- The more provocative or advocacy-oriented the title of the event is in promotional materials, the more likely the judge should abstain.
- If the event primarily serves an advocacy or political purpose or is a fundraiser (and the judge is a featured speaker), the judge should not participate due to concerns regarding frequent subsequent disqualification requests of the judge and concerns about the appearance of partiality. Also, if the event touches upon a pending matter currently before the judge, then the judge should not attend.
- If the event primarily is sponsored or affiliated with a political party or candidate or seeks to influence the actions of a particular political official, the judge should not participate due to impartiality and independence concerns. If the event is held by an advocacy group or a frequent litigant in the judge’s court, the judge should carefully weigh the purpose of the event. If it is for a nonadvocacy purpose and the judge can participate in a manner that will not raise public concern about the judge’s impartiality, then the judge may participate.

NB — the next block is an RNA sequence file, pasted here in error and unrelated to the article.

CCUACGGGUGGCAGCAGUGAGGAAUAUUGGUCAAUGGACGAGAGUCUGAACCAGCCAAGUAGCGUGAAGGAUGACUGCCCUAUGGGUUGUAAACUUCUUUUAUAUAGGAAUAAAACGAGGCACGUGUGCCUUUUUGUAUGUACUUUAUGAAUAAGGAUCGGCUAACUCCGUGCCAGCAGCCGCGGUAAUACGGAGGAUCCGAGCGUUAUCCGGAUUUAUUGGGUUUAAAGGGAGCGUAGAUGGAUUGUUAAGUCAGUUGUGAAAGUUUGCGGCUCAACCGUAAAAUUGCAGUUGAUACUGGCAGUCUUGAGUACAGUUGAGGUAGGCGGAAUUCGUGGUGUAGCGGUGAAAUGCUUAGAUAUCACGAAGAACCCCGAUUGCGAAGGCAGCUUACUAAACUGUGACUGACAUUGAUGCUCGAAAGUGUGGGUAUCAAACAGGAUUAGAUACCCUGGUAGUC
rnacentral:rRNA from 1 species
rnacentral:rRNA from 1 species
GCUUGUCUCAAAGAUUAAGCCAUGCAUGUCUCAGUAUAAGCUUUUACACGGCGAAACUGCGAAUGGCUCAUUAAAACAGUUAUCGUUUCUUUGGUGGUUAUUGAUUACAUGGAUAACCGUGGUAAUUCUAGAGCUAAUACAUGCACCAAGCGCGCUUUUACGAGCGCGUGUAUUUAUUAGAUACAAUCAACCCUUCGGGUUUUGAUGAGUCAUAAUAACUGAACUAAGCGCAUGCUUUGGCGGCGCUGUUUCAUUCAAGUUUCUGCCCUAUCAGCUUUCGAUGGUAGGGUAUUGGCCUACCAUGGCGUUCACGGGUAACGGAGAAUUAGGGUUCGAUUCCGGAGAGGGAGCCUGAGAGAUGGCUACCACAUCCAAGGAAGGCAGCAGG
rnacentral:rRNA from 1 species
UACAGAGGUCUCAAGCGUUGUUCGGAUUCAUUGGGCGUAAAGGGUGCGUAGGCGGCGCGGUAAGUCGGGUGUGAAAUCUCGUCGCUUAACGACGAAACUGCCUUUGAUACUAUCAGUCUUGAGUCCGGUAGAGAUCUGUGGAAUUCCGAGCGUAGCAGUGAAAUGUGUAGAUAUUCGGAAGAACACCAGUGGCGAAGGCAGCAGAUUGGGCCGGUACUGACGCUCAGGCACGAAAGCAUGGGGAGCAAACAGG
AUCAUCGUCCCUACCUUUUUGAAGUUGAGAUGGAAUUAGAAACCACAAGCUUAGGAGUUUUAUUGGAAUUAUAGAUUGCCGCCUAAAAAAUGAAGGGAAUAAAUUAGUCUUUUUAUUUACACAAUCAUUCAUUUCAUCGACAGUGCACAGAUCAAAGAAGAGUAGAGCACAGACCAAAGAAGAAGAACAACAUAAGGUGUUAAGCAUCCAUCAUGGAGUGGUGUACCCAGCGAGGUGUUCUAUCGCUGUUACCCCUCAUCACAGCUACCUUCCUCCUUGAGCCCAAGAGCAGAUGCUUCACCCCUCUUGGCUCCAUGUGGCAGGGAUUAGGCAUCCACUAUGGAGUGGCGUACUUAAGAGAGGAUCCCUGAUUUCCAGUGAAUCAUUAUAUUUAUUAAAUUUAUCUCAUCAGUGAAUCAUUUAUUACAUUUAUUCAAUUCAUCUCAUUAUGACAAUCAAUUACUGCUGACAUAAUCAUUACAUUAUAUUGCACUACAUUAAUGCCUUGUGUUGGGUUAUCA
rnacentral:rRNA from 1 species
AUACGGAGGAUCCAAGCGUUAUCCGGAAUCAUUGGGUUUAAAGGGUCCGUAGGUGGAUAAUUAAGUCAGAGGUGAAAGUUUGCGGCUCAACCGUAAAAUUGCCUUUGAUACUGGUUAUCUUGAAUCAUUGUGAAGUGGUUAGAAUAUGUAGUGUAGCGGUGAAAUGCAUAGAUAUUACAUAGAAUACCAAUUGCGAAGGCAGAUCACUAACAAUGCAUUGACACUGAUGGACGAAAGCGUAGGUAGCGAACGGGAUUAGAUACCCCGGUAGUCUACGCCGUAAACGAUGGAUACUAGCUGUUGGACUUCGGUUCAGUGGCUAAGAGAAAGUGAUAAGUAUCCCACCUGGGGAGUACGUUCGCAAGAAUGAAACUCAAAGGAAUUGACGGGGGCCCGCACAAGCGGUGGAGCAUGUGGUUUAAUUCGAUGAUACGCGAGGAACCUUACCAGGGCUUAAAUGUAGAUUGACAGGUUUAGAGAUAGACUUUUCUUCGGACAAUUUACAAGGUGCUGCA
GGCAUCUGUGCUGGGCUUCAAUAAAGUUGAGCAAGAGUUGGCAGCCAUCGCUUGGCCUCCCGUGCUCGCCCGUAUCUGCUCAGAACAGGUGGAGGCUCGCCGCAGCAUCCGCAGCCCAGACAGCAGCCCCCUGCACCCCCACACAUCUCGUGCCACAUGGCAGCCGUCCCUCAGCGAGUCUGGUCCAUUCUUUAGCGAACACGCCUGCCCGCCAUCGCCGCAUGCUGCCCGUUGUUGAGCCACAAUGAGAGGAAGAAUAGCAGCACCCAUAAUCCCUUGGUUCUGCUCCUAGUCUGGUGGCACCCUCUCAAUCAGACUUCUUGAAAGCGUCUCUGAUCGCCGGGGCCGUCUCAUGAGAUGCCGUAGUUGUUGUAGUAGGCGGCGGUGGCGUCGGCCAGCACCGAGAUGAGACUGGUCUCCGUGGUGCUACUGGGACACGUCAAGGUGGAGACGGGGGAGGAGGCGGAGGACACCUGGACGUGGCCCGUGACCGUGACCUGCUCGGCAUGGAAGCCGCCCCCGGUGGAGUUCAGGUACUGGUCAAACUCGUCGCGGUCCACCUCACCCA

- If the event is being held in a time, place, or manner where participants likely will violate the law then a judge should not participate.
- If a judge is requested to be a featured speaker or guest of honor at an event, the judge should carefully review all invitational materials to determine whether his/her featured presence may cause frequent disqualification or might subject the judge to concerns that the judge is improperly using the prestige of judicial office to further the organization’s goals. If the matter does not specifically involve matters concerning the law, the legal system, or the administration of justice, the judge should not allow his/her legal title to be referenced during the event and should not wear any clothing identifying him/her with the judiciary.
After review, if judges determine that their participation won’t impair the independence, integrity, or impartiality of the judiciary, the judge should still consider a change in circumstances that would prompt their immediate need to leave, the opinion reads. Judges should also be careful to act at all times at the event in a manner that is temperate and judicious, the commission concluded.